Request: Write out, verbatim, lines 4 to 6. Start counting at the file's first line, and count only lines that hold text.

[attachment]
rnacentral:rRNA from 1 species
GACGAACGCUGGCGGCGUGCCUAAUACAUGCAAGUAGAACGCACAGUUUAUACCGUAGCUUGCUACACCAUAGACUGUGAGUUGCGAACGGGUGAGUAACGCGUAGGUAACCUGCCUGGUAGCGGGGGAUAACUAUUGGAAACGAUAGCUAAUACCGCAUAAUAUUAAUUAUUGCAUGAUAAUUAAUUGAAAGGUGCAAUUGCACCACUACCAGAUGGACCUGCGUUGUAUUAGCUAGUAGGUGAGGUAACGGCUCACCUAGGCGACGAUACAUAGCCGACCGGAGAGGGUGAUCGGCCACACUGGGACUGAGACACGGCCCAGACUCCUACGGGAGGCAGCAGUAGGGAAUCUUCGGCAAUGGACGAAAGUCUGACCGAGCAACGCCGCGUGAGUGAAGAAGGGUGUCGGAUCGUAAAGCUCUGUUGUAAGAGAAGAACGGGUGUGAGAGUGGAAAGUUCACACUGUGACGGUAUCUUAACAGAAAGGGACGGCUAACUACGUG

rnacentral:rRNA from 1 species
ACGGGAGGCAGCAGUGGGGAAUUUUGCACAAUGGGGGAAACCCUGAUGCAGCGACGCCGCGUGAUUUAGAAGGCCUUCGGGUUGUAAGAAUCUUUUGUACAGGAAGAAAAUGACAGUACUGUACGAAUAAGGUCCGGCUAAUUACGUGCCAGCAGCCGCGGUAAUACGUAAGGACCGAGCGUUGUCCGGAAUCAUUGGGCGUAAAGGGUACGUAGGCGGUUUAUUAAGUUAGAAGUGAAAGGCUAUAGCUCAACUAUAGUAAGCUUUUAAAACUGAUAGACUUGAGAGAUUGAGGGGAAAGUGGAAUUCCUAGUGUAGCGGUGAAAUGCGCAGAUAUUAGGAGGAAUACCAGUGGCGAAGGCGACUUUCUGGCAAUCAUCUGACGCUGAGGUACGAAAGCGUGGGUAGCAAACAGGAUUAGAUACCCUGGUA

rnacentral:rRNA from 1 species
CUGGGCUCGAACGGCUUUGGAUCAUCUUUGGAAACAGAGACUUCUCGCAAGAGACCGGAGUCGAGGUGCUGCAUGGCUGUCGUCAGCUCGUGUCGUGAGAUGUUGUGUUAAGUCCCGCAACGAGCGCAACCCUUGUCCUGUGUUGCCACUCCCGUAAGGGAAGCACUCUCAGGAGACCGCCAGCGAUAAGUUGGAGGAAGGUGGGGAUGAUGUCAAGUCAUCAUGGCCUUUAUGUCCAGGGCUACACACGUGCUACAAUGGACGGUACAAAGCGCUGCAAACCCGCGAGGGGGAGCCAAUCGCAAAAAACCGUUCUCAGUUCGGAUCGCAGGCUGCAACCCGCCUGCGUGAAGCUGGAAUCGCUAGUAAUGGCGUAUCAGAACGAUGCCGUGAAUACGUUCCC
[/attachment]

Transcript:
ACGGGAGGCAGCAGUGGGGAAUUUUGCACAAUGGGGGAAACCCUGAUGCAGCGACGCCGCGUGAUUUAGAAGGCCUUCGGGUUGUAAGAAUCUUUUGUACAGGAAGAAAAUGACAGUACUGUACGAAUAAGGUCCGGCUAAUUACGUGCCAGCAGCCGCGGUAAUACGUAAGGACCGAGCGUUGUCCGGAAUCAUUGGGCGUAAAGGGUACGUAGGCGGUUUAUUAAGUUAGAAGUGAAAGGCUAUAGCUCAACUAUAGUAAGCUUUUAAAACUGAUAGACUUGAGAGAUUGAGGGGAAAGUGGAAUUCCUAGUGUAGCGGUGAAAUGCGCAGAUAUUAGGAGGAAUACCAGUGGCGAAGGCGACUUUCUGGCAAUCAUCUGACGCUGAGGUACGAAAGCGUGGGUAGCAAACAGGAUUAGAUACCCUGGUA

rnacentral:rRNA from 1 species
CUGGGCUCGAACGGCUUUGGAUCAUCUUUGGAAACAGAGACUUCUCGCAAGAGACCGGAGUCGAGGUGCUGCAUGGCUGUCGUCAGCUCGUGUCGUGAGAUGUUGUGUUAAGUCCCGCAACGAGCGCAACCCUUGUCCUGUGUUGCCACUCCCGUAAGGGAAGCACUCUCAGGAGACCGCCAGCGAUAAGUUGGAGGAAGGUGGGGAUGAUGUCAAGUCAUCAUGGCCUUUAUGUCCAGGGCUACACACGUGCUACAAUGGACGGUACAAAGCGCUGCAAACCCGCGAGGGGGAGCCAAUCGCAAAAAACCGUUCUCAGUUCGGAUCGCAGGCUGCAACCCGCCUGCGUGAAGCUGGAAUCGCUAGUAAUGGCGUAUCAGAACGAUGCCGUGAAUACGUUCCC